Trace Access Logging

Gloo Mesh Enterprise is required for this feature.

Background

Distributed microservices can be difficult to debug because there are many hops in a potential graph of calls. A service mesh can be used to help observe overall health of a system and can indicate when things are degraded or unhealthy. Things like metric collection, tracing, and alerting can be used to identify problem areas. Unfortunately there are times when an SRE or developer must dig into the details of a service graph to understand more deeploy where things are going wrong.

With Gloo Mesh, we can use trace logging to see all of the access logging through a particular call graph to further pinpoint problem areas. With trace logging, we can enable detailed access logging for specific workloads and specify pattern matching to collect access logs generated from specific requests and centralize them for further evaluation.

How does this relate to platform logging?

Gloo Mesh trace logging is not a replacement for proper platform logging with something like Fluentd/Elastic or Splunk. You should continue to use those tools for general platform logging.

Access logging in the mesh is typically not enabled for all workloads. Generally it's enabled for edge gateways or on-demand for services in a graph. Gloo Mesh trace logging can be enabled on demand for certain workloads, used to debug an issue, and then turned off. It's intended to be a convenience feature and NOT to replace platform logging.

Before you begin

This guide assumes the following:

Istio Configuration

Before we begin, we need to ensure that our Istio deployments in both cluster-1 and cluster-2 have the necessary configuration for Gloo Mesh access logging. View the Istio ConfigMap with the following command:

kubectl --context $CONTEXT_1 -n istio-system get configmap istio -oyaml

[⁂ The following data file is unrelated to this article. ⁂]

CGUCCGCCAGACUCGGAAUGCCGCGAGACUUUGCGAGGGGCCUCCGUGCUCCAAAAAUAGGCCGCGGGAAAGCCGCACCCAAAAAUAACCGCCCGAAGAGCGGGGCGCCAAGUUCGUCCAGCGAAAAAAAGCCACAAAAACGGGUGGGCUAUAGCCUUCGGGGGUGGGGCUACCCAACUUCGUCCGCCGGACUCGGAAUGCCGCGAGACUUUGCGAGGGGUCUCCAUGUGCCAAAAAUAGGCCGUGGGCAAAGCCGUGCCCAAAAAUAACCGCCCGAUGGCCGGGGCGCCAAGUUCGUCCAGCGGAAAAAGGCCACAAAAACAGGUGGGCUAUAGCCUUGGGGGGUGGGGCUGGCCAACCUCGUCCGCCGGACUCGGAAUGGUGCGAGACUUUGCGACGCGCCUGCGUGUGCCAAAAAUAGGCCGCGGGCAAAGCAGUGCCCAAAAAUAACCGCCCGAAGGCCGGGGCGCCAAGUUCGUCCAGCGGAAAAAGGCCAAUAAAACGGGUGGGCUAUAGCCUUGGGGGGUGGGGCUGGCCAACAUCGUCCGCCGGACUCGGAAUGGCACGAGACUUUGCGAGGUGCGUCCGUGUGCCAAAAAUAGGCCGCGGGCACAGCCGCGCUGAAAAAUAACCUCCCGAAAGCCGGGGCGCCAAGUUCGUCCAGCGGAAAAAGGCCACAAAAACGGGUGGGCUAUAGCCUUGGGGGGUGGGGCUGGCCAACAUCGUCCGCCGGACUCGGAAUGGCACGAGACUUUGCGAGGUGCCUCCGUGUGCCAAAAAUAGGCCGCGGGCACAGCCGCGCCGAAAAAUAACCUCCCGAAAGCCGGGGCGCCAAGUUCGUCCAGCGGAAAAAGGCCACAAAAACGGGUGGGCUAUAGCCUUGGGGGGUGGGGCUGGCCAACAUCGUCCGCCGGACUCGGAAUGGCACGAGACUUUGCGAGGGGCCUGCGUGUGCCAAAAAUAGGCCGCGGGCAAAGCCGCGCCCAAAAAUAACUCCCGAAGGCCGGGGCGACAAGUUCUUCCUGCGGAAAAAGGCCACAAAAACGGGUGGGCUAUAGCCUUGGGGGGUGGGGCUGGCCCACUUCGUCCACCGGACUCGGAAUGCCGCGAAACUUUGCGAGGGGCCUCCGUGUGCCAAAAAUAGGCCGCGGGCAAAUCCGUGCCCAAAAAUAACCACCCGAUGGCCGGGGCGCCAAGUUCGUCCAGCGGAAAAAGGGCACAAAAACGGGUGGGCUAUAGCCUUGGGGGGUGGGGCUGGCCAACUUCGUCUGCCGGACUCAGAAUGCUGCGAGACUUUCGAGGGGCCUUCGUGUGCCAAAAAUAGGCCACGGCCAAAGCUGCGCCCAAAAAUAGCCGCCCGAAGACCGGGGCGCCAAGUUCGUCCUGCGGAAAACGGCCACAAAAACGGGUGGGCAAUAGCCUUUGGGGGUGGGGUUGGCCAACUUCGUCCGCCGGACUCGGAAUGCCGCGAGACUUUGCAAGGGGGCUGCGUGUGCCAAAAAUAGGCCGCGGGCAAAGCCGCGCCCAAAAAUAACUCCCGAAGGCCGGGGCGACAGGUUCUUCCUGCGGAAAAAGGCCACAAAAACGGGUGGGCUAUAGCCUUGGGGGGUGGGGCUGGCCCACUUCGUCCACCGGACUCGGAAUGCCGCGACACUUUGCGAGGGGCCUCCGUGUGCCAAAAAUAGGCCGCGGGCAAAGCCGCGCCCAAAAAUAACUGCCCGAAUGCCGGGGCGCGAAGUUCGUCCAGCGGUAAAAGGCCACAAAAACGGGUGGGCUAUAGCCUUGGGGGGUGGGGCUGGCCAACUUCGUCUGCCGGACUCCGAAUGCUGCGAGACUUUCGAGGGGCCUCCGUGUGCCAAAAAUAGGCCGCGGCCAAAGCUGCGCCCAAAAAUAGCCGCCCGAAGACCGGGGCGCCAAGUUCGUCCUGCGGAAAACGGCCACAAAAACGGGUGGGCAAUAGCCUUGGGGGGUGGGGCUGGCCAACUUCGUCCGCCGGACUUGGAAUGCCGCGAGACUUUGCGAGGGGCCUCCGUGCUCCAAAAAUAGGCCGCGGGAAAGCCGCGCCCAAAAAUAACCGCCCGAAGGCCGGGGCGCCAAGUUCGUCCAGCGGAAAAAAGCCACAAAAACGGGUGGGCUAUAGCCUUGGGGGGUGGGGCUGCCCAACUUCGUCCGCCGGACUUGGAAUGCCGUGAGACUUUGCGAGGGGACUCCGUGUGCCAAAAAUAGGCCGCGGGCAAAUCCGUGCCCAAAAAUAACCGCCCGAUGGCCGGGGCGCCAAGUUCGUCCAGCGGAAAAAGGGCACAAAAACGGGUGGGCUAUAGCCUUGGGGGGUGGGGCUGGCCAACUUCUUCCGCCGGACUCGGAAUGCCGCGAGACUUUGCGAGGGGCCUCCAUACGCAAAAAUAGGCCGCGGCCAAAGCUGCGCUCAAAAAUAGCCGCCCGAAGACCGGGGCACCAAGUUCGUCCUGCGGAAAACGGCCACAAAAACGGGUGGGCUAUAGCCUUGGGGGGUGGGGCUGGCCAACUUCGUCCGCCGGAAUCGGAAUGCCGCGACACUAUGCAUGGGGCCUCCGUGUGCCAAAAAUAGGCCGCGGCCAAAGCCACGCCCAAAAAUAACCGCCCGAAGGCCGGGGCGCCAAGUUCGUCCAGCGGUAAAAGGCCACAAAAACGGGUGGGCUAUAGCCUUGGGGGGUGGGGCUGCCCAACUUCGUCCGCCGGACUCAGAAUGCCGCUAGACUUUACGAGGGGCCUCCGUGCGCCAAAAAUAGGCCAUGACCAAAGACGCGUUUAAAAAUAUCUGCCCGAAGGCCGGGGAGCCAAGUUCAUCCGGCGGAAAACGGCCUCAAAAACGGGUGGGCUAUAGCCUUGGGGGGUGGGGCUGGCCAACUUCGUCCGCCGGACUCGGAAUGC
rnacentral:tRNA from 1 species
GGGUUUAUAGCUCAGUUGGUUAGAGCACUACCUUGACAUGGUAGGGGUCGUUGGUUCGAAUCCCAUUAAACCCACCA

Ensure that the following highlighted entries exist in the ConfigMap:

data:
  mesh:
    defaultConfig:
      envoyAccessLogService:
        address: enterprise-agent.gloo-mesh:9977
      proxyMetadata:
        GLOO_MESH_CLUSTER_NAME: your-gloo-mesh-registered-cluster-name

If you updated the ConfigMap, you must restart existing Istio injected workloads in order for their sidecars to pick up the new config.

The GLOO_MESH_CLUSTER_NAME value is used to annotate the Gloo Mesh cluster name when emitting access logs, which is then used by Gloo Mesh to correlate the envoy proxy to a discovered workload.

AccessLogRecord CRD

Gloo Mesh uses the AccessLogRecord custom resource to configure access log collection. The API allows specifying the workloads for which to enable collection as well as request/response level filter criteria (for only emitting a filtered subset of all access logs).

For demonstration purposes let's create the following object:


apiVersion: observability.enterprise.mesh.gloo.solo.io/v1
kind: AccessLogRecord
metadata:
  name: access-log-all
  namespace: gloo-mesh
spec:
  filters:
    - headerMatcher:
        name: foo
        value: bar

kubectl apply --context $CONTEXT_1 -f - << EOF